FHA Extends HECM Second Appraisal Rule, Expands Non-Borrowing Spouse Protections

The Federal Housing Administration (FHA) announced Monday that it will continue its Home Equity Conversion Mortgage (HECM) collateral risk assessment requirements announced in 2018, and will relax requirements for some non-borrowing spouses to defer repayment of reverse mortgage loans.

The agency relayed the changes in two separate mortgagee letters issued Monday, both being effective immediately.

The first, Mortgagee Letter 2019-15, updates the Mortgagee Optional Election (MOE) Assignment for HECMs with case numbers assigned prior to August 4, 2014. Under the MOE options previously available to non-borrowing spouses, some eligible non-borrowing were able to defer loan repayment under certain terms and time frames.

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The changes outlined Monday under the FHA’s Reverse Mortgage Stabilization Act (RMSA) authority include updates to the MOE assignment election and assessment deadlines and notification requirements; elimination of the 120-day timeframe for bringing current all property charges on a HECM that is subject to a pre-existing loss mitigation repayment plan; establishment of a 180-day reasonable diligence timeframe to initiate an MOE Assignment; elimination of the requirement for an eligible surviving non-borrowing spouse to obtain good and marketable title to the HECM property or demonstrate the legal right to reside in the property for life, and modification of related certifications and assignment criteria; and a new requirement for mortgagees to request information from borrowers to attempt to identify Non-Borrowing Spouses.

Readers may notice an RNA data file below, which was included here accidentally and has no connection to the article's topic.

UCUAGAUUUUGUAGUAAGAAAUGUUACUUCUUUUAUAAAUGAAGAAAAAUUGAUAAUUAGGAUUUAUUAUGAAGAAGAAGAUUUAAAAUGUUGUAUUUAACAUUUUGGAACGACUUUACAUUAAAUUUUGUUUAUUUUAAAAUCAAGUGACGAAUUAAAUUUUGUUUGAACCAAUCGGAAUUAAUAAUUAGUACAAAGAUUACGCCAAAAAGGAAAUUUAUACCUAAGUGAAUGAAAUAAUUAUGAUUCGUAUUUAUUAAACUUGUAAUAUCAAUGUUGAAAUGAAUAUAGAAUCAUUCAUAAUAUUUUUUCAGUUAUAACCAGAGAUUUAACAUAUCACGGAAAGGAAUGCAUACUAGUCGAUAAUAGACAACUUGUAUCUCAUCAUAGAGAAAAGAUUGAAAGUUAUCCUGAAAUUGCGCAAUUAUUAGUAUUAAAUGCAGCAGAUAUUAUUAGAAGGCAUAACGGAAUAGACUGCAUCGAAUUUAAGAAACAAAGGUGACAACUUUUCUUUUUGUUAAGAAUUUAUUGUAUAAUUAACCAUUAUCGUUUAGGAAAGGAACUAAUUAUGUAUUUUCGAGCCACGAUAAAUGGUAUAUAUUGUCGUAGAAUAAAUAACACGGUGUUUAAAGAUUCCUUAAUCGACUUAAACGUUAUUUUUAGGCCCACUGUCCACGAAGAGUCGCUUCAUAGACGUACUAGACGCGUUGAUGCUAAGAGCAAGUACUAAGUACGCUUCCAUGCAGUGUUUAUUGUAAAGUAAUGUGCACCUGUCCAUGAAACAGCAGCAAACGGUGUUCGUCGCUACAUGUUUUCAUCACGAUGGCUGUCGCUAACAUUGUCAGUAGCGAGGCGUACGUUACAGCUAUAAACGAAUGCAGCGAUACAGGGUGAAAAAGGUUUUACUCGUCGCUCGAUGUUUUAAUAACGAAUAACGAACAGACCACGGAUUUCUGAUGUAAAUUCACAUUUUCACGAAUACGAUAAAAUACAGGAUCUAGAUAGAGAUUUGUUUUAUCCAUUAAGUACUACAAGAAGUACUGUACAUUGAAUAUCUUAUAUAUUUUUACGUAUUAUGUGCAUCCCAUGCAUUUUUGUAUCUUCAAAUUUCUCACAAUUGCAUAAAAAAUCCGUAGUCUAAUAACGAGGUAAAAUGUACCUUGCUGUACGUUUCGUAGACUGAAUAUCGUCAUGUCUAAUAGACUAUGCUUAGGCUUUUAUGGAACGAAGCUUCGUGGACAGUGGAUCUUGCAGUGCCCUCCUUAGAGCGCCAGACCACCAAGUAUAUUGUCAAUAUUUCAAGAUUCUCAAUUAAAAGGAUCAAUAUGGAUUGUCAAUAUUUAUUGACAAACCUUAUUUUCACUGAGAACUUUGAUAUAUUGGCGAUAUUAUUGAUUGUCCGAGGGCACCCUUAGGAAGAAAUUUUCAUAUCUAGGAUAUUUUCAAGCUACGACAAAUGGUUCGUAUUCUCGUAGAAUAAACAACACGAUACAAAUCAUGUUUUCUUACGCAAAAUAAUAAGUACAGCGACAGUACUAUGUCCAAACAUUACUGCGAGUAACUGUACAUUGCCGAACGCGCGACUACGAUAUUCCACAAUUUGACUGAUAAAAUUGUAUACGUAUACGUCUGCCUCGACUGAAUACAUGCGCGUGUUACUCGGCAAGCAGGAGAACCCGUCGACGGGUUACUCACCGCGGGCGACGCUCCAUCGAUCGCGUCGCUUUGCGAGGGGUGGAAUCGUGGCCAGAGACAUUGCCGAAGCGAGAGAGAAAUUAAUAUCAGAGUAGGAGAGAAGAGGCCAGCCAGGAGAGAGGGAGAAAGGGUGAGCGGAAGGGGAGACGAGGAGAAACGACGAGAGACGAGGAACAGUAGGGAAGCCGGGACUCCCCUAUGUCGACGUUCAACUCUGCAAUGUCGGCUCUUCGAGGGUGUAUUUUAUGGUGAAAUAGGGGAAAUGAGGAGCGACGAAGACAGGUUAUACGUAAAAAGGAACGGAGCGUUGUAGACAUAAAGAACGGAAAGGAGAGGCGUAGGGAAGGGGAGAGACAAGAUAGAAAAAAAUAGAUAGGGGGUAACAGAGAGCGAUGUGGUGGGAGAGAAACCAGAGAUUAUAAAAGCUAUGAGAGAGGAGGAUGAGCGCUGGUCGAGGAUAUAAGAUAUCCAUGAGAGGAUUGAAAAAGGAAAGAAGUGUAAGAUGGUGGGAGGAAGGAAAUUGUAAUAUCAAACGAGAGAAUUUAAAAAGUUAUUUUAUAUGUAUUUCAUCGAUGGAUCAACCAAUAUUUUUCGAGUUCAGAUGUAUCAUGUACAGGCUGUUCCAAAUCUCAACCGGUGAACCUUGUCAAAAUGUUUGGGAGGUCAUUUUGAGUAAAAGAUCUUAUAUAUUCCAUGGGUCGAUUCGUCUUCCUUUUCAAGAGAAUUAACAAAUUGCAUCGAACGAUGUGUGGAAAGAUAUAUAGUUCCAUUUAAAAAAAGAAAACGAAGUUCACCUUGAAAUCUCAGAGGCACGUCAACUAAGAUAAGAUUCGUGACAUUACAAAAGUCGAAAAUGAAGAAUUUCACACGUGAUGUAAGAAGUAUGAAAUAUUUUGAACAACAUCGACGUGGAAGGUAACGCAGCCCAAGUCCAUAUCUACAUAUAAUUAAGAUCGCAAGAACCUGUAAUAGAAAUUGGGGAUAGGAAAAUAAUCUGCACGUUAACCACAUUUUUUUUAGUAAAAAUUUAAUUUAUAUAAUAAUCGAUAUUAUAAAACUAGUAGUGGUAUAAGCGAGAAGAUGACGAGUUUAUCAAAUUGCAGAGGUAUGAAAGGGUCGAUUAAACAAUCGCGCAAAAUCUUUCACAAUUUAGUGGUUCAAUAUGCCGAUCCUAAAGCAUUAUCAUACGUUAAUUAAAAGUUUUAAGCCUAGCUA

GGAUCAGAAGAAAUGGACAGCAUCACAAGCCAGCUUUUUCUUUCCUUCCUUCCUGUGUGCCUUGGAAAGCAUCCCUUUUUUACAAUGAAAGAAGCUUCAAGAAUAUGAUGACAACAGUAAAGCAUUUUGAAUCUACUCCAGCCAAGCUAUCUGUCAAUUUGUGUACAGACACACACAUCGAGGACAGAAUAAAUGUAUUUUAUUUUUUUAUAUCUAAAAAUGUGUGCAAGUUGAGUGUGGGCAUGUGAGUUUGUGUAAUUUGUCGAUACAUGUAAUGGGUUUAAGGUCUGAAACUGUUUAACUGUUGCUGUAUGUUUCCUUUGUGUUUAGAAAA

The National Reverse Mortgage Lenders Association welcomed the adjustment in spite of a challenging implementation timeline.